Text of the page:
Finance and International Direct Investment in the United Kingdom

  • Michael Beenstock
Part of the International Economics Study Group book series (IESG)


Outward direct investment tends to be one of the more emotive elements in the capital account of the UK balance of payments. It is often argued that such investment creates jobs abroad instead of in the UK or that it weakens the balance of payments. Indeed the latter issue was directly addressed by Reddaway (1968). Likewise, it is often argued that inward direct investment is bad for the country because it leads to a drain of profits through the balance of payments instead of accruing to British firms or that foreign ownership makes the nation unnecessarily vulnerable to the whims of the internationals. These and related matters were considered by Steuer et al. (1973). More recently the Wilson Report1 recommends ‘that the government should initiate a wide-ranging review of the effects of portfolio and direct overseas investment, inward and outward, on the UK economy, embracing the consequences for the supply and cost of funds for UK investment as well as the effects on exports, the exchange rate and employment. The possibility of establishing a Foreign Investment Review Agency, as suggested by the TUC, could be considered as part of this review’ (p.247).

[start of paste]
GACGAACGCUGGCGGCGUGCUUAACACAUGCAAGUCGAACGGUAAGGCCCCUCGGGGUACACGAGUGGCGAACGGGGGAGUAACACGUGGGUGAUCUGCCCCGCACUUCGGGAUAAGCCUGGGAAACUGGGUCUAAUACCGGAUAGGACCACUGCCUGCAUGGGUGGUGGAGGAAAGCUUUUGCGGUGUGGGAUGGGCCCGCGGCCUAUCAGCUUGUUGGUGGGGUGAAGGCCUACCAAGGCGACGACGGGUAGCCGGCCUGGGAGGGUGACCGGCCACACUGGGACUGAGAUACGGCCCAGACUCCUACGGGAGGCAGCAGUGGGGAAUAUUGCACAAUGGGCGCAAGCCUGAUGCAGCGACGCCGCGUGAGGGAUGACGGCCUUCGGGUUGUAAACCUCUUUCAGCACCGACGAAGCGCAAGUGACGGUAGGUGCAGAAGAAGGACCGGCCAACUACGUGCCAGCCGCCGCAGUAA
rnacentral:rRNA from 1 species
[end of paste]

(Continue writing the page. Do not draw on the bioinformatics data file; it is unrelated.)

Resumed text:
Direct Investment Foreign Currency Parent Company Capital Account Interest Rate Differential 
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Copyright information

© International Economics Study Group 1982

Authors and Affiliations

  • Michael Beenstock

There are no affiliations available

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